The most exciting thing this weekend was the Solar eclipse. We didn’t get totality here at Pole, but we got 90% obscuration. 10% of the Sun is still pretty damn bright, so it didn’t get dark, but it did get noticeably dimmer (and 10F colder) during the peak of the eclipse. Several methods were used for viewing the eclipse; we didn’t have many proper eclipse glasses (maybe one or two pairs total) but we did have lots of welding masks and myself and one of the SPT winterovers set up one of the station’s optical telescopes for projecting the sun onto a surface for indirect viewing. I’m currently uploading a timelapse of the telescope projecting (don’t get too excited…) but here’s a still from early on in the event.
Near the maximum obscuration I went out to SPT for photos (the SPT winterovers were hard at work setting up some spectacular photos that I will be excited to share when they’re ready)! Less spectacular is this selfie I attempted to take during the max:
Well that’s about all the excitement I can handle for one week. Stay tuned for my crappy timelapse and actual good photos / timelapse that I steal from others.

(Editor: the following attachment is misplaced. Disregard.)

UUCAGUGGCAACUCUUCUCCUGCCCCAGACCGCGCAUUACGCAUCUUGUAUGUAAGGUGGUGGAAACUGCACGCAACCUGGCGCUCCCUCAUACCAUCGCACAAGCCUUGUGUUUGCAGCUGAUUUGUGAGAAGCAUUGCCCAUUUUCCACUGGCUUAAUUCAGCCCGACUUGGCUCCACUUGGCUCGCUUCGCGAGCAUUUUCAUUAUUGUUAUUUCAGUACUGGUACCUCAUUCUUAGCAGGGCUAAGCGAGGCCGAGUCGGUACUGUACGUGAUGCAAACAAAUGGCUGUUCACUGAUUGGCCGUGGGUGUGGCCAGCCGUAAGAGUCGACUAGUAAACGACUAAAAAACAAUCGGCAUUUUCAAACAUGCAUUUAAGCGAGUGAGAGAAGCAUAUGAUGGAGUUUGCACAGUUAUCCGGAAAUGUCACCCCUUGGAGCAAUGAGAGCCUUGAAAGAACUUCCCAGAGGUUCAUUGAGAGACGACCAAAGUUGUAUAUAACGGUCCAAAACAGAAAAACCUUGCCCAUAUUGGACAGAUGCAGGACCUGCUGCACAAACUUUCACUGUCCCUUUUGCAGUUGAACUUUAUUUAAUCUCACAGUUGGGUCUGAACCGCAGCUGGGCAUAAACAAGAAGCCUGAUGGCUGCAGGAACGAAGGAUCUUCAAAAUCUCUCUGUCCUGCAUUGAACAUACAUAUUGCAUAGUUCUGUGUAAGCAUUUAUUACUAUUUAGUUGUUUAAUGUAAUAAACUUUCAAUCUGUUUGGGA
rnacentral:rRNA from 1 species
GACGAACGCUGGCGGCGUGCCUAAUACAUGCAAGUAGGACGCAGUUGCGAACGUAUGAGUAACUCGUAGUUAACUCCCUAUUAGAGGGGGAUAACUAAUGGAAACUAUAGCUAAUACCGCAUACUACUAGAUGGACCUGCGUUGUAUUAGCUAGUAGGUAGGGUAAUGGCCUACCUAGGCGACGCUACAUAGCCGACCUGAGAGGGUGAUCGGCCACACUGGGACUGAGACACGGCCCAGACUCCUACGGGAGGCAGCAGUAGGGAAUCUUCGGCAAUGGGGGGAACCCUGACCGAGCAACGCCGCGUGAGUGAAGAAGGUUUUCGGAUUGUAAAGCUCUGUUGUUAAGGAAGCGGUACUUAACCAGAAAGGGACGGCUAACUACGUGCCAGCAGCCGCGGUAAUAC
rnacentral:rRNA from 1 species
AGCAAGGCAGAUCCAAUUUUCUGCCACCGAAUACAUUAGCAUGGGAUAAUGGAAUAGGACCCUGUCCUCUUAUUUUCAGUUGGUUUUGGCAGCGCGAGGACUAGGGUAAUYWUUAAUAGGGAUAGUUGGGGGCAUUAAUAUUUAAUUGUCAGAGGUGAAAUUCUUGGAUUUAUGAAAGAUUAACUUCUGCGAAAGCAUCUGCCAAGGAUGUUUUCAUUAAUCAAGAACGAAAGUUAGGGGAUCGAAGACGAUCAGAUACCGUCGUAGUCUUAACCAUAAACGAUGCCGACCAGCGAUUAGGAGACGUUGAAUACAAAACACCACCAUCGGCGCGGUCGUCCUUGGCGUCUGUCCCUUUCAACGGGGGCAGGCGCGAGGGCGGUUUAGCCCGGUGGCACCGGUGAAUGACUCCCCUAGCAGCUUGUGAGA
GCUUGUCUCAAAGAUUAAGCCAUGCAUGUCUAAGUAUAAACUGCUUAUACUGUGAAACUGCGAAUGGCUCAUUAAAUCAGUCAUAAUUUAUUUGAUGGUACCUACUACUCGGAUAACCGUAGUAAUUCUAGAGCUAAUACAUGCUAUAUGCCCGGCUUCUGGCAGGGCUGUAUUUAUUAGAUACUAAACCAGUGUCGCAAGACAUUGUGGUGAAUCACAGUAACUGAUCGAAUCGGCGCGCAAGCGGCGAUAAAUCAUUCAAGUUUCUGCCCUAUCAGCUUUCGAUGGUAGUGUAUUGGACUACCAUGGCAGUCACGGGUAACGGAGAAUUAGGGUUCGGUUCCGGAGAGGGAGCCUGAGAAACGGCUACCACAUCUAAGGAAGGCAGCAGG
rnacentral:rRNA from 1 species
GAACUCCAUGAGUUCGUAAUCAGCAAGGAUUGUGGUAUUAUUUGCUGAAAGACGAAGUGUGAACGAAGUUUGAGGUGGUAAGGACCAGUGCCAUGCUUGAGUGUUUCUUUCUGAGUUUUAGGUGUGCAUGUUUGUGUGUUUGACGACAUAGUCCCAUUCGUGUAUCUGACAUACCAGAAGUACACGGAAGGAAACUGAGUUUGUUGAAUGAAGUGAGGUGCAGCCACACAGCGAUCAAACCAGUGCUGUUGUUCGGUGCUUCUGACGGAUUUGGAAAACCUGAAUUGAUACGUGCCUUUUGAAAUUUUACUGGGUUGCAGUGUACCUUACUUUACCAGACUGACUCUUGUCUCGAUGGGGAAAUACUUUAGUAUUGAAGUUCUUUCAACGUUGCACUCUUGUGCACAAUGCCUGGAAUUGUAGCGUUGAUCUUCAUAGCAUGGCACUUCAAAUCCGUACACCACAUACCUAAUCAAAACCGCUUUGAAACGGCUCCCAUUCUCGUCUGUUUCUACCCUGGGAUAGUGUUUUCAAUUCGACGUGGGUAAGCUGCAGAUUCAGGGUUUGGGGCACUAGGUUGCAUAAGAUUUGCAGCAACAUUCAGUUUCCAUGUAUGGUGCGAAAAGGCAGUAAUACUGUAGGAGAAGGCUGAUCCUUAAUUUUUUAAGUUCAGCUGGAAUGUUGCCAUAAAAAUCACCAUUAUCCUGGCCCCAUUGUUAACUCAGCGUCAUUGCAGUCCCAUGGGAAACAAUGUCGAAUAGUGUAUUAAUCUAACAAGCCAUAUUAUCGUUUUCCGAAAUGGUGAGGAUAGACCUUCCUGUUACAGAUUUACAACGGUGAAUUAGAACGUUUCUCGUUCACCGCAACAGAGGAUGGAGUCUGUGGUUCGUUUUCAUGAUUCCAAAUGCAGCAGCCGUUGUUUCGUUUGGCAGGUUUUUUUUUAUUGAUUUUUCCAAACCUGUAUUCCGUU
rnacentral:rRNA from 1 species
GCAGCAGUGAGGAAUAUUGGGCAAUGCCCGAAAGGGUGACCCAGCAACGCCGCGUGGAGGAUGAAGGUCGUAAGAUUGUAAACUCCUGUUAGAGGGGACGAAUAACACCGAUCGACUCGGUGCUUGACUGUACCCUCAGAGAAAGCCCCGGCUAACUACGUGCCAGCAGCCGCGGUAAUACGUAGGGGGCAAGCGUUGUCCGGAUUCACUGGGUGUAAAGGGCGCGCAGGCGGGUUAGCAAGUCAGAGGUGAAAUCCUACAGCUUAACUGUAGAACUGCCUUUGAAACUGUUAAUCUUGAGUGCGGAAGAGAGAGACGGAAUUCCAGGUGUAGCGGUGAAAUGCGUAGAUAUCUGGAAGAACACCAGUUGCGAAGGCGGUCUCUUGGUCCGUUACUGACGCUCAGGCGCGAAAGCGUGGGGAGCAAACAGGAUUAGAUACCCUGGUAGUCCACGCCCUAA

Gotta start working on the SPT science lecture (by that I mean piecing together old talks and adding in new science – yes I’m going to talk mostly about transients and AGN monitoring :P)
Wow, it’s been 11 days since I last posted. Whoops.
Weather has warmed up a lot! We had a few record daily high temps (around -8F) but are now back down to -25F. Weather has been really calm the past few days too, so I could get some semi-comfortable runs in outside.
Biggest news is the departure of our final winterover from last year! He left for greener pastures today. It is now just the three of us – Me and the two upcoming SPT winterovers… I guess this means I need to remember how to run the damn thing!
The 2nd biggest news is that we did our first pole run of the season (or last run of the two previous WOs’ season)!
which was also the first time I got to see my year’s pole marker (designed by my WO partner Geoff Chen) in action!